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    first off, sorry to hear about your phantom. the lake in the video you have posted, is it the same one your craft dived into? reason i ask is because it's probably not exactly near where it went into the water. don't forget a light craft as this is will get pushed around by currents, and the props would still try to spin causing it to move under water. so the diver probably has to go in with a bigger search area. maybe use one of those fishing sonar device to assist? just an idea.

    as far as the gimbal is concerned, it really didn't look like your first gimbal did much. the idea behind the gimbal is to be able to have the camera stay leveled so that you can get a good shot no matter if the craft is pitching or rolling (up to a certain degree). so if you have the camera 90 degree to the ground looking straight forward, it would stay that way even if you pitch the craft forward. and if the camera is horizontal to the ground, when you roll your craft left or right, the gimbal will roll to compensate and keep the camera horizontal to the ground. of course the gimbal can only compensate so much and so fast. think of the gimbal as a "steady cam" contraption, only motorized.
     
  6. CameraGuy

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    Yes, that's the lake in the last video.

    It hit the water about 100 feet (30m) off shore in an area that is surrounded on 3 sides. The diver actually went as far as 200 feet or 60m out, and about 35 feet all around.

    He wants to try again, which is fine by me. The water is about 50 feet deep, and cold below the first 15 feet. I just don't have my SCUBA gear anymore (X wife) or I would have spent more time looking. I don't think there is any current.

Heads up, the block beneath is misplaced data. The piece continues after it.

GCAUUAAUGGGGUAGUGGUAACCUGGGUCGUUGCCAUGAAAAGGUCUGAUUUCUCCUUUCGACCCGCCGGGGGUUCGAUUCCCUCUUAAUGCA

I will order a Gimbal, but not for a couple of months. I think I will wait to see the official DJI version, and hope there are a few less bugs in some of the competitive products.

    A local distributor for DJI is also claiming he has one. Not sure if it fits the Phantom, or something larger.

    Thanks

    Darren
     
  7. remvideo

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  8. DomKane

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    From your video, it seems your gimbal wasn't actually doing much at all to compensate the tilting of the Phantom.

    I have a cheap (sub £100) self built brushless motor gimbal and made this on the weekend: https://vimeo.com/67457609

    I'm still not 100% happy with mine, but its getting there.
     
  9. Perfdavid

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    I'm not sold on gimbals. I do see how they can help in some situations but I think steady control is important. Team Blacksheep does not use them and the have some great vids.

    http://youtu.be/ESYr2y-WOeE
     
  10. CameraGuy

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    I just want steady, jello free video

    I think the iso mount does more as does balanced props.

    Maybe I should have asked for tips on reducing jello

    D
     
  11. Gizmo3000

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    the Team Blacksheep video's are neat,. but far from stable.
    trust me on this guys,. the stabilization that these brushless gimbals provide can make a huge difference, especially in the right hands. - and the fact that they keep the camera steady does help reduce rolling shutter (motion induced Jello and cuts back on lens distortion that software stabilization has trouble with.

    the vibration dampers help with the jello caused by vibrations (motor and prop unbalance)

    all the high end pro's use gimbals, along with prop and motor balancing.